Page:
Significantly, Lear was decided on July 2, 1959 - the same day as the decision in Smith v. Bell Telephone Company, supra. Lear, as Smith, was written by that distinguished Justice, Thomas McBride, and actually Lear is reported in 397 Pa. subsequent to Smith. The major dilemma for me in understanding the Court of Appeals' opinion in Yeager, is the language which stated "it would appear that the [trial] court was guided by a precedent which was expressly overruled in Smith v. Bell Telephone Company of Pennsylvania", supra, 364 F.2d 96, 100. Since the Court of Appeals did not cite the case which it stated was the precedent overruled in Smith, I am not certain of the precedent which the Court of Appeals had in mind. The trial court in Yeager had used language similar to that in Lear. Thus, there are two possible interpretations of the language of the Court of Appeals in Yeager: (1) The Court of Appeals was not aware of the fact that the Lear case was decided at the same time of Smith and had therefore assumed that Smith was subsequent to Lear and overruled it, or (2) that the Court of Appeals when referring to a precedent had in mind a specific "precedent" prior to Smith which precedent was not Lear. In light of the facts I am forced to assume the latter alternative rather than the former. If this assumption is correct the language which I used in the instant case - which was a verbatim quote from Lear - was not in conflict with the views expressed by the Court of Appeals in Yeager. In reference to this question, there are two points which must be made, (1) Yeager was concerned with discrediting the "only inference" rule and (2) the language which the plaintiff now finds objectionable did not reinstate that rule.

 The result in Yeager was obviously dictated by the Court of Appeals' view that the question of negligence was for the jury, and that it could only be withdrawn from the jury if, and only if, no conceivable inference of negligence could be drawn. As pointed out earlier, the question of negligence in this case was submitted to the jury. The language to which the plaintiff objects does not undermine the policy of submitting questions of negligence to the jury, nor does it support the disapproved "only inference" rule. The plaintiff's proof must be such which will enable the trier of fact to "visualize * * * what actually happened * * * so [as] to * * * reasonably conclude that a defendant * * * [was] guilty of negligence." Lear, supra. * The language must be scrutinized in toto. The phrase "what actually happened" is qualified by "reasonably conclude." I submit that this test imposes no burden additional to that normally imposed on plaintiffs in this type of case. In every case of this type the jury does in fact, by its verdict, determine what actually happened. The phrase does not mean that the jury determines that no other version is conceivable, but that it concluded from the evidence that its version of the facts was the most "reasonable" conclusion that could be reached. Thus, the charge as given was consistent with the law of negligence in Pennsylvania as expounded by its highest Court. It is not conceivable that the language in Lear, written as it was on the same day as Smith - and by the same Justice - was intended to be overruled by the latter case.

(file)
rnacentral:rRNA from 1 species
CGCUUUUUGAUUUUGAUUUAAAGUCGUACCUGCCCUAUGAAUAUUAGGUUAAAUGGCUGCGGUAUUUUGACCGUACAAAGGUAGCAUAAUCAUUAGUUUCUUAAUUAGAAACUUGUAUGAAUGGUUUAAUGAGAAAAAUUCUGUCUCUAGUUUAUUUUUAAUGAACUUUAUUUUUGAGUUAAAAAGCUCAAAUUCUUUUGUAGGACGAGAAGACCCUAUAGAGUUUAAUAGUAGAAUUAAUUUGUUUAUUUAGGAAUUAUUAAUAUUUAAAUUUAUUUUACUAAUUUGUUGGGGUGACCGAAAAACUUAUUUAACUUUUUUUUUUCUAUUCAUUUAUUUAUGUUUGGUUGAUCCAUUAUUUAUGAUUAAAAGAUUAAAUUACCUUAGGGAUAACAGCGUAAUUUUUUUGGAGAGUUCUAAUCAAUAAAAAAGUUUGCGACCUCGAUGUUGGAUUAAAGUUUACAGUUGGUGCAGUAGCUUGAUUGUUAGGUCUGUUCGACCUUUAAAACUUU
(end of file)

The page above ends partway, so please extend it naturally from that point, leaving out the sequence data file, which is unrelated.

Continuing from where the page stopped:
Finally, the plaintiff contends that the Court's charge based on Lear was a "hybrid" charge based on two different aspects of that opinion. The plaintiff argues that the "must visualize" language went only to the presumption of due care which applies when a party dies as a result of an accident and is unable to testify. This argument reads Lear too narrowly, for the entire opinion involved the question of burden of proof.

 It has long been established that a charge to the jury must be read as a whole and not in piecemeal fashion. When the charge in the instant case is so read it is legally sufficient. The Court charged the jury that the plaintiff was entitled to a verdict if it proved its case by the preponderance of the ...